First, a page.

Alfred, Lord Tennyson

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Marianna

Mariana in the moated grange.—'Measure for Measure'.

First printed in 1830.

This poem as we know from the motto prefixed to it was suggested byShakespeare ('Measure for Measure', iii., 1, at the moated grange resides thisdejected Mariana,) but the poet may have had in his mind the exquisitefragment of Sappho:—

[Greek: deduke men ha selanna kai Plaeïades, mesai de nuktes, parad' erchet h'ora ego de mona kateud'o.]

The moon has set and the Pleiades, and it is midnight: the hour too isgoing by, but I sleep alone.

It was long popularly supposed that the scene of the poem was a farmnear Somersby known as Baumber's farm, but Tennyson denied this and said it wasa purely imaginary house in the fen, and that he never so much as dreamed ofBaumbers farm. See 'Life', i., 28.

    With blackest moss the flower-plots
    Were thickly crusted, one and all:
    The rusted nails fell from the knots
    That held the peach to the garden-wall.
5   The broken sheds look'd sad and strange:
    Unlifted was the clinking latch;
    Weeded and worn the ancient thatch
    Upon the lonely moated grange.
    She only said, My life is dreary,
10   He cometh not, she said;
    She said, I am aweary, aweary,
    I would that I were dead!
   
    Her tears fell with the dews at even;
    Her tears fell ere the dews were dried;
15   She could not look on the sweet heaven,
    Either at morn or eventide.
    After the flitting of the bats,
    When thickest dark did trance the sky,
    She drew her casement-curtain by,
20   And glanced athwart the glooming flats.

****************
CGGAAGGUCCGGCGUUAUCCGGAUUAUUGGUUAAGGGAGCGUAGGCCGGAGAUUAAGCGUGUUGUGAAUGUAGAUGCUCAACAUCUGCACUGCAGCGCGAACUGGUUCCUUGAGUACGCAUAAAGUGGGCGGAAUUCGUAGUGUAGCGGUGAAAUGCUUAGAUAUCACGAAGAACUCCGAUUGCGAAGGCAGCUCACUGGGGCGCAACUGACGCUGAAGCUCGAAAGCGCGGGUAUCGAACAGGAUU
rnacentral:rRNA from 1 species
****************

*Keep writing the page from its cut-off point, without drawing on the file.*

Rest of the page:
She only said, The night is dreary,
    He cometh not, she said;
    She said, I am aweary, aweary,
    I would that I were dead!
   
25   Upon the middle of the night,
    Waking she heard the night-fowl crow:
    The cock sung out an hour ere light:
    From the dark fen the oxen's low
    Came to her: without hope of change,
30   In sleep she seem'd to walk forlorn,
    Till cold winds woke the gray-eyed morn
    About the lonely moated grange.
    She only said, The day is dreary,
    He cometh not, she said;
35   She said, I am aweary, aweary,
    I would that I were dead!
   
    About a stone-cast from the wall
    A sluice with blacken'd waters slept,
    And o'er it many, round and small,
40   The cluster'd marish-mosses crept.
    Hard by a poplar shook alway,
    All silver-green with gnarled bark:
    For leagues no other tree did mark
    The level waste, the rounding gray.
45   She only said, My life is dreary,
    He cometh not, she said;
    She said, I am aweary, aweary,
    I would that I were dead!
   
    And ever when the moon was low,
50   And the shrill winds were up and away,
    In the white curtain, to and fro,
    She saw the gusty shadow sway.
    But when the moon was very low,
    And wild winds bound within their cell,
55   The shadow of the poplar fell
    Upon her bed, across her brow.
    She only said, The night is dreary,
    He cometh not, she said;
    She said, I am aweary, aweary,
60   I would that I were dead!
   
    All day within the dreamy house,
    The doors upon their hinges creak'd;
    The blue fly sung in the pane; the mouse
    Behind the mouldering wainscot shriek'd,
65   Or from the crevice peer'd about.
    Old faces glimmer'd thro' the doors,
    Old footsteps trod the upper floors,
    Old voices called her from without.
    She only said, My life is dreary,
70   He cometh not, she said;
    She said, I am aweary, aweary,
    I would that I were dead!
   
    The sparrow's chirrup on the roof,
    The slow clock ticking, and the sound,
75   Which to the wooing wind aloof
    The poplar made, did all confound
    Her sense; but most she loathed the hour
    When the thick-moted sunbeam lay
    Athwart the chambers, and the day
80   Was sloping toward his western bower.
    Then, said she, I am very dreary,
    He will not come, she said;
    She wept, I am aweary, aweary,
    O God, that I were dead!.
   

Contributed by Robert Clark.